Friday, April 04, 2008

Only With Your Love by Lisa Kleypas

Celia Vallerand fears for her life as she stares into the deep, arresting eyes of the dashing man who purchased her from the brigands who had abducted her. But it soon becomes clear that it's her virtue, not her life, that's in danger. The rugged, powerful renegade known only as "Griffin" arouses desires in Celia as dangerous as they are forbidden. And though she knows she must resist him, she fears she may be unable to do so.

But the magnificent adventurer is a man trapped in a perilous deception. And the shocking secrets he guards could deny him the love of the fair captive lady who has enslaved his reckless heart.

I am gradually getting to the end of the backlist for Lisa Kleypas **sob**. Luckily I just picked up Blue Eyed Devil from the library, and I still haven't read Mine Til Midnight, otherwise I will get to the end and then what will I do!

This is one of the few historicals that Lisa Kleypas has written that isn't set in England. This time the setting is the deep south of America - Louisiana I believe - which brings me to my first question. What the heck do the swans on the cover have to do with this book? There's lots of mentions of swamps and bayou but no swans!

Anyway, Celia always believed that she was an unexceptional woman compared to all of her family. When she begins to be courted by a young doctor, Philip Vallerand, she is honoured and flattered and more than happy to wait for years for him to come and get her and take her to her new life as his wife. It is while they are on that journey to a new life that the boat that they are on is attacked by pirates and Philip is killed. Celia appears to be destined for a much shortened life where she will be a sexual plaything for a depraved member of the pirate crew, until she is rescued by Griffin and he delivers her to her husband's family who are a powerful Creole family. Unfortunately he delivers her only after taking her virginity. (I know...she was married, how could she still be a virgin? There's an explanation, which is barely plausible, but we'll let that slide!)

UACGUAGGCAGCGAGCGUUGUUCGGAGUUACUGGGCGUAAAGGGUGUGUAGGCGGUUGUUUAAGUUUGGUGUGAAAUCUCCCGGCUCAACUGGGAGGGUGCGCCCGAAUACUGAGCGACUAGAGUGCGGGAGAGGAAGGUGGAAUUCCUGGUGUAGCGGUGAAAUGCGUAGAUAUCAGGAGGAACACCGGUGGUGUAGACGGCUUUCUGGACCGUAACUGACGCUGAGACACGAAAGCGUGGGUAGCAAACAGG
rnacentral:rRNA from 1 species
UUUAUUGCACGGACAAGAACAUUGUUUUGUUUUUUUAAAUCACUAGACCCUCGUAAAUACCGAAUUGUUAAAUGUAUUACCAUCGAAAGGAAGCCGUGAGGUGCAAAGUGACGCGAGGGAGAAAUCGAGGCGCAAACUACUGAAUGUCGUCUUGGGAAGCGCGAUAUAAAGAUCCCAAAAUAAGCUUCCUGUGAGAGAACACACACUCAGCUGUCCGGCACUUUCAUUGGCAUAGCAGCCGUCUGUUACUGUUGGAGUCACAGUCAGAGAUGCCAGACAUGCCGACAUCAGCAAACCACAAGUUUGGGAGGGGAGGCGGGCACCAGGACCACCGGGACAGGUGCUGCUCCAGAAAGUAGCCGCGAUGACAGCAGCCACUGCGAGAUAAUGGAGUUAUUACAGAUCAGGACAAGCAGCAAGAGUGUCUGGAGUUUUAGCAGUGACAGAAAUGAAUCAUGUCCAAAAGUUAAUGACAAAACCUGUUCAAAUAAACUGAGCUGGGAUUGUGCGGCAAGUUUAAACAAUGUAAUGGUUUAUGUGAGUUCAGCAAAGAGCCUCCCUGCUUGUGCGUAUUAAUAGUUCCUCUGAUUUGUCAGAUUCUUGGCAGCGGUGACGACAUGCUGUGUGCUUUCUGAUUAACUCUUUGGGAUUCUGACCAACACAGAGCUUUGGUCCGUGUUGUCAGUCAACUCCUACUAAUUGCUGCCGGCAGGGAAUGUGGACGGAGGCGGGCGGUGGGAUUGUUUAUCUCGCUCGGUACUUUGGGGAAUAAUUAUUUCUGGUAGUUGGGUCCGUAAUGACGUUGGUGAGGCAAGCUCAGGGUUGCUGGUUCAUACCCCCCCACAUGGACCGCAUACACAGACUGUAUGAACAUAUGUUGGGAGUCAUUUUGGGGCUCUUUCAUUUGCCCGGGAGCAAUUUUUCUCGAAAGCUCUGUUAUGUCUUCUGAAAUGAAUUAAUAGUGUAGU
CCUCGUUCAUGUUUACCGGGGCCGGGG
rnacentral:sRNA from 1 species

The next time that Celia meets Griffin, it is under much different circumstances, and when she is forced by fate to spend more time with him her feelings for him change from passion driven animosity to realisation that the feelings that she has for him are much, much stronger than those feelings that she had for her husband. At the same time, it begins to appear as though Celia really didn't know her husband all that well, leaving her with conflicted emotions all round.

I can't really say too much more without giving away major plot twists, but suffice to say the past comes back to haunt the Griffin, in the form of his pirate enemies, and he is forced to make a choice between his past and Celia, particularly after Celia does something a bit stupid and is captured by those same pirates.

I loved reading about Max Vallerand (Philip's father), and if I understand correctly, he is the hero of the Only in Your Arms, which I will have to track down at some point.

You can tell that this is early Kleypas, but the quality is still there in terms of the writing, and the spark between the main characters.


  1. How funny, I was just about to review this on BB...except I wouldn't have had much nice to say about it. LOL

    You're much nicer than me. The entire book was just wrong, wrong, wrong, IMO.

  2. I'll be interested to see what else you thought was so wrong with it.

  3. LOL - you're nicer than me too. I've never reviewed this one - read it way too long ago - but it's one of the few Kleypas books I didn't care for at all, at all. I really didn't like any of the characters - hero/heroine, secondary characters etc.
    As for Only In Your Arms - I liked it quite a bit more - but I also read it quite a few years ago and I'm thinking it wouldn't stand the test of time. For one thing the heroine is the same age as his sons.

  4. I've only read one book by this author and really enjoyed it. Plan to read more though.

  5. Oh, forgot to mention, it was Sugar Daddy. Great book!



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